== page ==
`(3) The total quantity of electricity delivered to by the public utility.

`(4) The total number of methane capture facilities in the area in which the public utility supplies electric energy.

`(5) For each technology and application, the amount of growth in capacity installed relative to the number of new interconnections in the area in which the public utility supplies electric energy.

`(6) The total amount of electricity (in kWh) generated by methane capture facilities in the area in which the public utility supplies electric energy.

`(7) The location of new renewable energy facility development relative to population density in the area in which the public utility supplies electric energy.

`(g) Reports by the Energy Information Administration- In each of the first 2 years and every 2 years thereafter after the enactment of this section, the Secretary of Energy, acting through the Energy Information Administration, shall make public and submit to Congress a report that shall include the number of new methane capture facilities in each State and the environmental benefits and effects of the addition of those generators. There are authorized to be appropriated to the Secretary of Energy such sums as may be necessary to carry out this subsection.

`(h) Federal Contracts- No contract between a Federal agency and any electric utility for the sale of electric energy by such Federal agency for resale which is entered into after the date of the enactment of this Act may contain any provision which will have the effect of preventing the implementation of any rule under this section with respect to such utility. Any provision in any such contract which has such effect shall be null and void.

Environment, Environment Projects


FiTing Methane into America’s Future

January 11th, 2010

Global Climate Change:

FiTing Methane into America’s Future

Claire McCarthy

Masako Chen

Maura Duffy

Victoria Stulgis

Section I: Abstract

Global climate change is one of the greatest threats to the global community.  Since 1750, atmospheric concentrations of greenhouse gases (GHGs) have increased dramatically as a result of human activity (IPCC).  GHGs trap heat in the earth’s atmosphere and the increase in concentration of these gases has warmed the earth’s average surface temperature 1.2-1.4° C in the past 100 years (EPA).

Though not the largest contributor to global warming, methane (CH4) has a greater global warming potential (GWP) and shorter atmospheric lifetime than carbon dioxide (CO2). Methane is also unique in that it is the only greenhouse gas that can be used as an energy source, as it is a primary constituent of natural gas.  Positive effects from reduction of atmospheric CH4 can be seen more immediately, allowing us to “buy time” while long-term solutions to mitigate climate change are innovated and implemented.

We propose an amendment to the Clean Energy Jobs and American Power Act (S.1733) that would enact Methane Capture Payments modeled after a feed-in tariff system for electricity generated from CH4 capture sources: coal mines, landfill solid waste, and human and agricultural liquid waste.  The legislation would guarantee access to the grid and mandate that utility companies pay a fixed rate for electricity from eligible sources.  The feed-in tariff will incentivize the investment in technologies for CH4 capture, so that companies have a timeline for recouping their initial investment.  A feed-in tariff for electricity from captured CH4 avoids excessive financial burden on energy consumers and taxpayers and levels the playing field for both local and industrial methane capture projects.  In addition to the primary environmental benefits of CH4 capture, the legislation provides several secondary economic benefits that incentivize CH4 mitigation.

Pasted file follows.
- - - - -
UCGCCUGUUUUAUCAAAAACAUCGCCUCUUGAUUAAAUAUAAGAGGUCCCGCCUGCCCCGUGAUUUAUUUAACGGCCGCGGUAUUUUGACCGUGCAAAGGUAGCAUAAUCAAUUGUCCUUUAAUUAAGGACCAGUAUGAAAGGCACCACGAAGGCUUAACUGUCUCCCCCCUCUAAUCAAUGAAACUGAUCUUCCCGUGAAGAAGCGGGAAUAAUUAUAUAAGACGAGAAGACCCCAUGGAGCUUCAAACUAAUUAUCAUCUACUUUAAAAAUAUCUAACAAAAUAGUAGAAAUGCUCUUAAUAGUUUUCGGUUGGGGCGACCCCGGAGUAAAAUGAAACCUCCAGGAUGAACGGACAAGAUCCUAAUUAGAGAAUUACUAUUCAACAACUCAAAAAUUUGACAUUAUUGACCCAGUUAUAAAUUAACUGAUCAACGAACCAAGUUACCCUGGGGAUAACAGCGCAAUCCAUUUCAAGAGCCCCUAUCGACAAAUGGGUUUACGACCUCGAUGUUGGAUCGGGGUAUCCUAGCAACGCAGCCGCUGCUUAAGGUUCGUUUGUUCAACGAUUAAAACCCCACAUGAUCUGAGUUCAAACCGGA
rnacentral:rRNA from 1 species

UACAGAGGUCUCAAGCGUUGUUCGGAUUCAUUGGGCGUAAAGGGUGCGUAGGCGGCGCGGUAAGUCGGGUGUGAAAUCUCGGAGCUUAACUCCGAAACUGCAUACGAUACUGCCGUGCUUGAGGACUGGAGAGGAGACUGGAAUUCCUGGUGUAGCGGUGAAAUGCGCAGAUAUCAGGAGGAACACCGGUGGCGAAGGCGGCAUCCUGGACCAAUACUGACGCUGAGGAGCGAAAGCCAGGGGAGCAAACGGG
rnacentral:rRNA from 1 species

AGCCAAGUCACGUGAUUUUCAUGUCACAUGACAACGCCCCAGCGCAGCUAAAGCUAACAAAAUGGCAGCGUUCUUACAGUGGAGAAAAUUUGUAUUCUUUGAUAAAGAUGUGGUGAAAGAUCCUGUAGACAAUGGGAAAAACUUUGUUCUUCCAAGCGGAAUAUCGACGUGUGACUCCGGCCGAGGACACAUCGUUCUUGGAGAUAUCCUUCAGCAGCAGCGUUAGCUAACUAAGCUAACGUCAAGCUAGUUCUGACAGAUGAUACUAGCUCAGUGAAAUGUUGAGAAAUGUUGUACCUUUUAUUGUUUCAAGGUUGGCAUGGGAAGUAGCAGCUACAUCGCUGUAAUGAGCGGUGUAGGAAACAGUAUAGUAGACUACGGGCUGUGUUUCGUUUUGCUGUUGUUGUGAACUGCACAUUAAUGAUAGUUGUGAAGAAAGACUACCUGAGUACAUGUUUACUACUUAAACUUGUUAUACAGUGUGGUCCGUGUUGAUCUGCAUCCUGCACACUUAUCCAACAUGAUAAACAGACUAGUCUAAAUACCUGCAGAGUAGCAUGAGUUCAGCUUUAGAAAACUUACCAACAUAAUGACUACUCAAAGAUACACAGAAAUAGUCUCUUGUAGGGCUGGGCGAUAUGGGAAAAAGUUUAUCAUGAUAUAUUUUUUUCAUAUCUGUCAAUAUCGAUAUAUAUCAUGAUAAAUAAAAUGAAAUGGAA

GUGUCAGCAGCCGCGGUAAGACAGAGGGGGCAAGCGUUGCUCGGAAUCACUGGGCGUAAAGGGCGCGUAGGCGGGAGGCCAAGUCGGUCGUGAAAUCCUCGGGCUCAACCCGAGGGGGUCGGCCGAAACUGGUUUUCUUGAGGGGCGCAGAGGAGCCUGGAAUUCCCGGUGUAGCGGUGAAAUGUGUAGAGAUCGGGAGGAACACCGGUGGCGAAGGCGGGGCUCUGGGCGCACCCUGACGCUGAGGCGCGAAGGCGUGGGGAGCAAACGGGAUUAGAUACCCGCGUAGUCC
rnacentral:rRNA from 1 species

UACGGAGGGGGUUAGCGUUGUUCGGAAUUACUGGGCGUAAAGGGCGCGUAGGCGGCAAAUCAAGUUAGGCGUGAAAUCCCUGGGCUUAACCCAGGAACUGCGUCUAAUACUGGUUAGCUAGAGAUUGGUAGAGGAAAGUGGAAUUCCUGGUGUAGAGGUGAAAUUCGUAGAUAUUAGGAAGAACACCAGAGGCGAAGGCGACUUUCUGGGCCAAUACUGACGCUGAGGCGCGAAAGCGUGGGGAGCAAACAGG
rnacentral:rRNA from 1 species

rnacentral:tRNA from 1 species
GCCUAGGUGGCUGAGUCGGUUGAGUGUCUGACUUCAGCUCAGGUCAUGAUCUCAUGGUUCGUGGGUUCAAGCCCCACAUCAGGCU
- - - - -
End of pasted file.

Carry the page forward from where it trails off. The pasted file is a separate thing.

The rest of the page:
Section II: Conceptual Map

methan_conceptual_map

Global Climate Change and Methane

“Warming of the climate system is unequivocal, as is now evident from observations of increases in global average air and ocean temperatures, widespread melting of snow and ice, and rising global average sea level.”    – Intergovernmental Panel on Climate Change, 2007

According to the 4th IPCC, anthropogenic global greenhouse gas (GHG) emissions have increased 70% between 1970 and 2004, continuing a marked rise since pre-industrial times.  (IPCC).  The increase in concentration of GHGs has warmed the earth’s average surface temperature 1.2-1.4° C in the past 100 years (EPA).  From 1995-2006, eleven of the twelve years ranked among the twelve warmest years in recording global surface temperature since 1850 (IPCC).  Specifically, average Arctic temperatures have increased at almost twice the global average rate in the past 100 years.

The effects of climate change pose a serious threat to the global community.  Thermal expansion of the ocean, melting of glaciers, icecaps and polar ice sheets have contributed to global rises in sea level: rising at an average rate of 1.8 mm per year over 1961 to 2003 and at an average rate of about 3.1 mm per year from 1993 to 2003 (IPCC).   The IPCC determines that there is “very high confidence” that recent warming is affecting earth’s biological ecosystems.  Effects of climate change have threatened some aspects of human health, such as excess heat-related mortality, and changes in infectious disease vectors.  Furthermore, rising sea levels coupled with human development are contributing to losses of coastal wetlands and mangroves, putting coastal regions at risk for increasing damage from coastal flooding  (IPCC).